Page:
The last couple of weeks, feminist bloggers have publicly collected the most hateful comments thrown at them on their own blogs and/or when they spoke up publicly, and those all too familiar insults can be seen on Twitter: #mencallmethings. Sady Doyle summarised them in a great post here, and in The Independent, Laurie Penny wrote about her experiences as female journalist and the gender specific reactions she faces, not only but particularly online.
[Since this is such a horrid and personal topic, I think some random pics are in order, so that’s why they will be popping up in this thread… ;)]
Despite the fact that this blog is very tiny and unpopular :), especially compared to major feminist and other blogs concerned with social justice issues, I have already received and deleted my fair share of the kind of comments Sady and Laurie mention in their articles. Most of them, no surprises here, actually popped up in the wake of the post on so-called Men’s Rights Activists and the ones specifically dealing with rape culture.
It has been argued by feminism’s Second Wave (TM) over and over again that the attack on women’s looks, sexuality and specific skills, the belittlement, the condescension, the mocking, the rage, the threats, etc. is merely a way of keeping them from talking, from questioning, from recognising oppressive social structures and, subsequently, challenging those, and from feeling confident and safe in public space; additionally to actual physical violence.
And although this seems to sound dramatic to people (…one might just look at the reactions of many men who’d consider themselves somewhat progressive and are very baffled when reading #mencallmethings and other articles about this topic) and many advocate the theory that people are particularly mean-spirited when they feel anonymous and outspoken on the internet, this actually does not take anything away from the problem. Actually, the mere fact that people are completely uninhibited in certain frames is not only a very bad excuse, but makes matters even worse, since they apparently suppress their rage “in the real world” (more or less successfully), but still hold the very same ideas they then express in writing.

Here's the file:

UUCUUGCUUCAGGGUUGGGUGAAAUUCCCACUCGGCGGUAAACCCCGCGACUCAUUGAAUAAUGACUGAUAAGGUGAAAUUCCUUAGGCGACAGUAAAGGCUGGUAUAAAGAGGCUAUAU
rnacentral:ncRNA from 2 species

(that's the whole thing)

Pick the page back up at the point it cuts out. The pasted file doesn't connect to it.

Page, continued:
Furthermore, the supposed anonymity (which obviously is more of a myth than actual reality nowadays) does not seem to be the main reason for being all liberal with rape and death threats: many people show very little concern with posting violent threats or disgusting insults under their actual names, and the ability to track IPs is either unknown or uncared about by the commenters who could possibly be living in the apartment next to mine, if I can believe their internet providers.
So: why the seemingly reckless dumbassery? Why the need to take the time out of your day to specifically show up at someone else’s blog and virtually yell at them, call them names and leave with a threat? Although boring insults are definitely far from being a male speciality (Kerstin_P and all, and that was really harmless…) and are most certainly not limited to publicised opinions by women and/or opinions on feminist matters, the average raging, white, anti-feminist male troll seems to have a peculiar quality about him that his female version is missing – and things come down to structural issues, again.
It is not only about the “obvious” insults and threats, the ‘c*nt’ and ‘fat ugly b*tch’-calling, the apparently inevitable rape threats (in delightfully graphic detail for some bloggers) and even death threats – the most annoying thing for me is the completely unquestioned invasion of personal space, real-life and virtual space, and not trying to discuss anything, but silence the particular blogger; using every possible means and insult to make him/her stop talking.
And yes, there is still a comment function. No, I have not turned that off. Yes, it is now moderated and your comment won’t go through automatically anymore because I do not wish to read every misogynistic insult you can think of on my own pages. Coming to someone’s blog to tell them you disagree and here’s why = the internets. Losing it while you’re typing and foaming from your mouth, describing graphic details as to how to violate a person, then going back to your space or that of your buddies to continue the mocking, the insults and the brainstorming about said violation = commentators on feminist, anti-racist, anti-heterosexist, anti-ableist blogs which sseem to be so extremely threatening to a structure of certain privileges that some people can’t help but drop all pretense. Also, some people are just assholes… And if you dare comment on their assholery, mock them, selectively publish or even delete them, you’re a totalitarian nazib*tch who practices the censorship of free speech and individual liberties.